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To What extent was German Foreign Policy responsible for the outbreak of general European War in 1914?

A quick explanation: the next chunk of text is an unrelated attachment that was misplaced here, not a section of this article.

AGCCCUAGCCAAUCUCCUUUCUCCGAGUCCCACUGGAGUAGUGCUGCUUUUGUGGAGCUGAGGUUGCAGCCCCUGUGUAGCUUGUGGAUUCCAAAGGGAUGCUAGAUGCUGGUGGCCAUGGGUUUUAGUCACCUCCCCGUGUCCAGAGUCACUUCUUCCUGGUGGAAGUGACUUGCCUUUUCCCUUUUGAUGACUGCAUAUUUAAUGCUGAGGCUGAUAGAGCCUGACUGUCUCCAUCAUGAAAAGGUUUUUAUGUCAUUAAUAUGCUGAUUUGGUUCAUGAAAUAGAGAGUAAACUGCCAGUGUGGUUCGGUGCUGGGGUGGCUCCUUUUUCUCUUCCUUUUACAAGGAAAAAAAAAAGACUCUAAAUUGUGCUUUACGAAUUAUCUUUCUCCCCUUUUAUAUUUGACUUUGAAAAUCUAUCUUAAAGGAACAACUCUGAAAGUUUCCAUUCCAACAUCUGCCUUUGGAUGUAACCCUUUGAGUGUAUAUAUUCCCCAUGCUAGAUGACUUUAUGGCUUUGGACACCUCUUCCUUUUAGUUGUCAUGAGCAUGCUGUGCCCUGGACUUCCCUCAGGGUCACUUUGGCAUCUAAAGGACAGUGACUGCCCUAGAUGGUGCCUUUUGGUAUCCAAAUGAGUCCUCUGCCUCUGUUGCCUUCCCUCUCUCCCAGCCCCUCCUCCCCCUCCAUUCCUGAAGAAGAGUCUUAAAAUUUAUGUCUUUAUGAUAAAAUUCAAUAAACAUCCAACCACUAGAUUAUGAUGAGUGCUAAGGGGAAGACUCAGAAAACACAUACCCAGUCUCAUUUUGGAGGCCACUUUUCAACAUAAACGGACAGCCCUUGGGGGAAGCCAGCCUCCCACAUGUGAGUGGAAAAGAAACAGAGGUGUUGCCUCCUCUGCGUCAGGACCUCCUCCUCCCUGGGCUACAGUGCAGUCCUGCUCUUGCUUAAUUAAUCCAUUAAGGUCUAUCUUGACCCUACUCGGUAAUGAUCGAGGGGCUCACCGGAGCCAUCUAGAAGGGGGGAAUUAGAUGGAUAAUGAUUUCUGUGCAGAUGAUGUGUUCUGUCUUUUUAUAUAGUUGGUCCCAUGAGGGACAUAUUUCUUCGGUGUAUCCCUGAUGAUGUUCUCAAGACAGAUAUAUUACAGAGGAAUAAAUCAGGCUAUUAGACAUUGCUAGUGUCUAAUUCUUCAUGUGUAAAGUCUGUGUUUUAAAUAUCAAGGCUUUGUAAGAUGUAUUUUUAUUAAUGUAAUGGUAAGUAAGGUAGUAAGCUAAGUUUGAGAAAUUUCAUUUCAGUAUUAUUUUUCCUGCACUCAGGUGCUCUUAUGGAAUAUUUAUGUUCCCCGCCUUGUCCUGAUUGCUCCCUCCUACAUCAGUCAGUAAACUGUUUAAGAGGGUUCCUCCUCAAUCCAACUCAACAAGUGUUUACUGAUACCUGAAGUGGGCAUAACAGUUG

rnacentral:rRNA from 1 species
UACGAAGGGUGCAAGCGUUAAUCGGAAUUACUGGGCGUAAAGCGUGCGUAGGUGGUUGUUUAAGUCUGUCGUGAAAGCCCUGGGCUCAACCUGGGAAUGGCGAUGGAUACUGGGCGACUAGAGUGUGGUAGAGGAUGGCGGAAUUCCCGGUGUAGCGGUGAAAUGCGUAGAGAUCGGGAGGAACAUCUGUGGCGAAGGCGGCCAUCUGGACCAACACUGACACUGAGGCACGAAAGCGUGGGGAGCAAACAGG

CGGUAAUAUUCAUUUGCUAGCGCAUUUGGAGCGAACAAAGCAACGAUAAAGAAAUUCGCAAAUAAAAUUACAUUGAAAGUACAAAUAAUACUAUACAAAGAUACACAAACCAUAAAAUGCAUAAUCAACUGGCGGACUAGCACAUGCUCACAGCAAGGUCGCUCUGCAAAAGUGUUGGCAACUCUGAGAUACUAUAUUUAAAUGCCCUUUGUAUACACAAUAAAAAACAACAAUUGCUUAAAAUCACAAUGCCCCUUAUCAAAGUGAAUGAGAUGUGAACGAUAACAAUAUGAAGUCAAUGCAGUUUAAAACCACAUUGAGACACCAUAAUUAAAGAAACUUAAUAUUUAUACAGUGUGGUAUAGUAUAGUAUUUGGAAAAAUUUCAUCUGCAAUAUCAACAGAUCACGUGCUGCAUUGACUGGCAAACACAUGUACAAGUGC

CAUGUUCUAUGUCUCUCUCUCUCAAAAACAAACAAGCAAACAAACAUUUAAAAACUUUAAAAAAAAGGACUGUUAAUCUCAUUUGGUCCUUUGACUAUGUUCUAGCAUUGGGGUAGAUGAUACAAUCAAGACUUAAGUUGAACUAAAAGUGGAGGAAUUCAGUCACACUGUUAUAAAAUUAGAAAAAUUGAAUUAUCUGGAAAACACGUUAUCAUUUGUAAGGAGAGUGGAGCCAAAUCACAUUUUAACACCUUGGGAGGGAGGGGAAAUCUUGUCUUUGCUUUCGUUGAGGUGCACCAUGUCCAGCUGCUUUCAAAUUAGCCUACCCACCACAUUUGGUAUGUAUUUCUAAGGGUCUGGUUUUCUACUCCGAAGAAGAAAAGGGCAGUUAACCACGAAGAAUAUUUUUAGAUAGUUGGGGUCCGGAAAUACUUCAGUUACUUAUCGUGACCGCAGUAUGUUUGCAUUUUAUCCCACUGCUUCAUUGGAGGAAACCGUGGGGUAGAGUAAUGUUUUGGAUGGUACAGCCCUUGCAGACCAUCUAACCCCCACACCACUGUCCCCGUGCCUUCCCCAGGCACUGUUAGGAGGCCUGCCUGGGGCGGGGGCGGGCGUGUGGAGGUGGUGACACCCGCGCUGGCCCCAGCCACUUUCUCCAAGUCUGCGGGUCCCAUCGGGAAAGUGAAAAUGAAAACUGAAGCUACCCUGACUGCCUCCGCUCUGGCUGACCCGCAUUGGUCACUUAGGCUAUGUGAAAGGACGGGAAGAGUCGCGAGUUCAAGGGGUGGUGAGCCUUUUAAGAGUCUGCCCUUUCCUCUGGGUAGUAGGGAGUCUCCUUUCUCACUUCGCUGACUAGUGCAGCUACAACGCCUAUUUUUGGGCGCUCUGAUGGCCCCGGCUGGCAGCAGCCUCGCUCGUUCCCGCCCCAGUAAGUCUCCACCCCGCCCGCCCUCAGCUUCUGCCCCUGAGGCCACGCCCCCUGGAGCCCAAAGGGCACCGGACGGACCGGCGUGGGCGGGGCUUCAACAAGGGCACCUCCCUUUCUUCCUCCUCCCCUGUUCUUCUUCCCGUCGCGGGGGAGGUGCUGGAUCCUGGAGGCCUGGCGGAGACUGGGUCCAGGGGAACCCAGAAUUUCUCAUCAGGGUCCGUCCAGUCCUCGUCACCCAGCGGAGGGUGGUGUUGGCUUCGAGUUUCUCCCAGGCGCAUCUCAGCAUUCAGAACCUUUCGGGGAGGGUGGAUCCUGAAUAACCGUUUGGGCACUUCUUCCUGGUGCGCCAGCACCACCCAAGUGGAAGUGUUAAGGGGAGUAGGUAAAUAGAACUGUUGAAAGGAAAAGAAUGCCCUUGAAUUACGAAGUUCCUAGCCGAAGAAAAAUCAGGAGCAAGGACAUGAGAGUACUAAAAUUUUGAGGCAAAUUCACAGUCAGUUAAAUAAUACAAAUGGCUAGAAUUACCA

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To What extent was German Foreign Policy responsible for the outbreak of general European War in 1914? The Foreign Policy pursued by Germany in the years proceeding 1914 was decisive in the build up and eventual breakout of war. Although it is far from being the sole cause of the war it was the most influential and significant. It was the stance of Germany Foreign Policy ahead of the Russian actions, the role of Austria-Hungary and the sense that war was inevitable, that was key. The aggressive policy shown by Germany to other nations instigated the tense international relations, which meant that war was inevitable during the July crisis of 1914. Historians such as Fellner have cited Austria-Hungary as the main instigator of the war. The Austria-Hungarian empire was vast and it comprised of many ethnic groups, most of whom in concurrence with the nationalist hegemony in the Balkans were calling for a degree of autonomy. In particular there were in excess of 4 million Serbs within the empire that meant there were calls to incorporate them into Serbia1. Austria-Hungary could not allow this to happen, as it would see other ethnic groups demand the same ad the empire collapse rapidly. When Arch Duke Franz Ferdinand was shot it gave Austria-Hungary the opportunity to take drastic action and declare war on Serbia in order to preserve its self and re-establish the reputation of the monarchy. The Hungarian Prime Minister Tisza summed up this view; "The monarchy must make an energetic decision to show the power of survival and to put an end to intolerable conditions in the southeast". There were also large and extremely influential groups of young pro-war diplomats such as the foreign minister Berchtold and the common finance minister Bilinksi who declared, "the Serb responds only to force, a diplomatic success would make no impression in Bosnia and would be damaging rather than anything else"2. ...read more.